Citation No. 8921202 - Issued under the provisions of 104(d)(1) of the Mine Act for violation of 30 CFR § 56.14100(c):

On July 10, 2015, a fatal accident occurred at this mine when a dredge capsized and the victim was recovered from the submerged MCC room eight days later.  Another miner was injured when he was thrown from the dredge as it capsized but was able to swim to shore.  The miners were attempting to dislodge the “clamshell” bucket that had become stuck on June 30, 2015.  In trying to free the bucket, the pontoon overload sensors were removed and water pumped into the pontoons to lower the dredge in the water.  In addition, the pontoon access hatches were not closed or secured to prevent an uncontrolled flow of water into the pontoons.  Superintendent William J. Roell engaged in aggravated conduct constituting more than ordinary negligence in that he participated in the removal of the pontoon overload sensors and knew about the unfastened hatches and did not correct these conditions before continuing to operate the dredge.  By doing this, he intentionally caused the dredge to become unstable and subsequently capsize.  In addition, Area Manager Todd Ernst engaged in aggravated conduct constituting more than ordinary negligence in that he discussed and agreed with the plan to recover the dredge bucket on July 1, 2015, and, after an unsuccessful attempt on July 2, 2015, he again agreed to go forward with the attempt that resulted in the fatal accident.  This violation is an unwarrantable failure to comply with a mandatory standard.

Order No. 8921203 - Issued under the provisions of 104(d)(1) of the Mine Act for violation of 30 CFR § 56.14205:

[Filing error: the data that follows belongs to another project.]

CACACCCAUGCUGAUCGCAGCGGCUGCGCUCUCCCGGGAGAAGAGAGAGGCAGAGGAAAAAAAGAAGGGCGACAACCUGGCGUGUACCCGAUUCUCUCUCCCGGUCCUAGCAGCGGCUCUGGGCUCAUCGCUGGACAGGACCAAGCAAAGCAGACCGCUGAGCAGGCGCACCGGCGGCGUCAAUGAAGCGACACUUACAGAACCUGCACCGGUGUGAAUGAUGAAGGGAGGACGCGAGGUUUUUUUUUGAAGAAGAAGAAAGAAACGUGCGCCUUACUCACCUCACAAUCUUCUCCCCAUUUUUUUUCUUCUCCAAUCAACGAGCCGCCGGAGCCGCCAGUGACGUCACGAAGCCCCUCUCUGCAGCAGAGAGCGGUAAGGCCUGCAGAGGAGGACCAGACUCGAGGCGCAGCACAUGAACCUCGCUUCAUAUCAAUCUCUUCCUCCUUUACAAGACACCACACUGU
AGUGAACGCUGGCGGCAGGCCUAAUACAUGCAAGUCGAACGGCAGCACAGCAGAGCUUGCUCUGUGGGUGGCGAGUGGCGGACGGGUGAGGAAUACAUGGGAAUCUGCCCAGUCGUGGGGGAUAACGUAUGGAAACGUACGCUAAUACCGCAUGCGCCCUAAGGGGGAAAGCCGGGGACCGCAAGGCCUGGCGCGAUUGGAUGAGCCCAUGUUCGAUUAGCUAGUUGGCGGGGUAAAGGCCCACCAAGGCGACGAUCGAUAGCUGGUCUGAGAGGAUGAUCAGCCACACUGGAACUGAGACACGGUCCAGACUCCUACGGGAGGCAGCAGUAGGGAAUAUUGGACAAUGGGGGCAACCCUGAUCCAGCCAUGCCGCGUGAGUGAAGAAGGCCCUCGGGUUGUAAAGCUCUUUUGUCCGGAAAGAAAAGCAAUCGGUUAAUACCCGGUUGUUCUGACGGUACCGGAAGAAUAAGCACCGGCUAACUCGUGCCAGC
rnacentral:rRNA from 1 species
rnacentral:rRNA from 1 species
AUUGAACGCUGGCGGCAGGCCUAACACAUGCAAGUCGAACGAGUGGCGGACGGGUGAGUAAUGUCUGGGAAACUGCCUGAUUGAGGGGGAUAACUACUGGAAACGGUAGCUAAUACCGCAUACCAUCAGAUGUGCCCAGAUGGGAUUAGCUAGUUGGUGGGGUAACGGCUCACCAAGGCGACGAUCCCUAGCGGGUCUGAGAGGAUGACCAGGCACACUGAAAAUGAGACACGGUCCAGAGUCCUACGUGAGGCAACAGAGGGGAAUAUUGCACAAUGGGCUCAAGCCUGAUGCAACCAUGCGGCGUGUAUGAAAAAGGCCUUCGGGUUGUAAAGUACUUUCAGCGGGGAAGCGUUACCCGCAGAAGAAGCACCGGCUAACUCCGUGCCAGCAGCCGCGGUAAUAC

On July 10, 2015, a fatal accident occurred at this mine when a dredge capsized and the victim was recovered from the submerged MCC room eight days later.  Another miner was injured when he was thrown from the dredge as it capsized but was able to swim to shore.  The miners were attempting to dislodge the “clamshell” bucket that had become stuck on June 30, 2015.  In trying to free the bucket, the miners did not consult with the manufacturer or follow its recommended procedures.  Instead, they attempted to use the buoyancy of the dredge pontoons and the hoist cable to dislodge the bucket from the pond floor by initially flooding the pontoons with water, tensioning the hoist rope, clamping the hoist brakes, and then pumping water from the pontoons.  In doing so, the dredge which was not designed to be used in this manner became unstable and capsized.  Superintendent William J. Roell engaged in aggravated conduct constituting more than ordinary negligence in that he devised and authorized the plan, directed miners’ actions, and participated in the procedure.  In addition, Area Manager Todd Ernst engaged in aggravated conduct constituting more than ordinary negligence in that he discussed and agreed with the plan to recover the dredge bucket on July 1, 2015, and, after an unsuccessful attempt on July 2, 2015, he again agreed to go forward with the attempt that resulted in the fatal accident.  This violation is an unwarrantable failure to comply with a mandatory standard.

Order No. 8921204 - Issued under the provisions of 104(g)(1) of the Mine Act for violation of 30 CFR § 46.7(b):